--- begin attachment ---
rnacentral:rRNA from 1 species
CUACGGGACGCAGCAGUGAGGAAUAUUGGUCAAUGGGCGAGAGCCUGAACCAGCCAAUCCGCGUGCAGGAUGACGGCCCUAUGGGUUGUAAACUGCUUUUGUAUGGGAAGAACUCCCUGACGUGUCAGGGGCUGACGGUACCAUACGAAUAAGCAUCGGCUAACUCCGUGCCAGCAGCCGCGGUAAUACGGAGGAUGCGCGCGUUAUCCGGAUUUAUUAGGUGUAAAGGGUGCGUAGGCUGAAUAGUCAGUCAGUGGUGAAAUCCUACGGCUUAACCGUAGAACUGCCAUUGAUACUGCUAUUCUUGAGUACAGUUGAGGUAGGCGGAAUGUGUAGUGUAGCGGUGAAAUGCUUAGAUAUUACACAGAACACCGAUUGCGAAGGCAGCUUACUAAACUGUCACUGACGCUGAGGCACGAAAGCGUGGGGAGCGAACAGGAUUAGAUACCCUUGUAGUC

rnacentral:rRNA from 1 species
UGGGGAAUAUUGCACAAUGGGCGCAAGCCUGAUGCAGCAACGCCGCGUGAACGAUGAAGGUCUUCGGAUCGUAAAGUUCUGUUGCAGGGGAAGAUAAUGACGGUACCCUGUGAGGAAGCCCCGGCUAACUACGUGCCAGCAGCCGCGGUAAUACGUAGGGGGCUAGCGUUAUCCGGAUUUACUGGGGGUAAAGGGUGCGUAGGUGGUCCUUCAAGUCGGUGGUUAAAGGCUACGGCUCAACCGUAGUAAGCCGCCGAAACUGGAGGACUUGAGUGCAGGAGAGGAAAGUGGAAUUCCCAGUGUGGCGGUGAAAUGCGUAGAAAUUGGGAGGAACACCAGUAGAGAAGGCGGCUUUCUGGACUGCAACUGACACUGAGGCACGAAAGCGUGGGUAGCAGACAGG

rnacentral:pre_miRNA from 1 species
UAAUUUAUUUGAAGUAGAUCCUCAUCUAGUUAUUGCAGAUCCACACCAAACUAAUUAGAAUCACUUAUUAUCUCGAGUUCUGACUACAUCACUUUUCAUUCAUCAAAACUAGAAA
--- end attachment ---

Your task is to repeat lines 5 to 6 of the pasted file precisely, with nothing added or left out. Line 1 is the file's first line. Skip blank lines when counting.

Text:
rnacentral:pre_miRNA from 1 species
UAAUUUAUUUGAAGUAGAUCCUCAUCUAGUUAUUGCAGAUCCACACCAAACUAAUUAGAAUCACUUAUUAUCUCGAGUUCUGACUACAUCACUUUUCAUUCAUCAAAACUAGAAA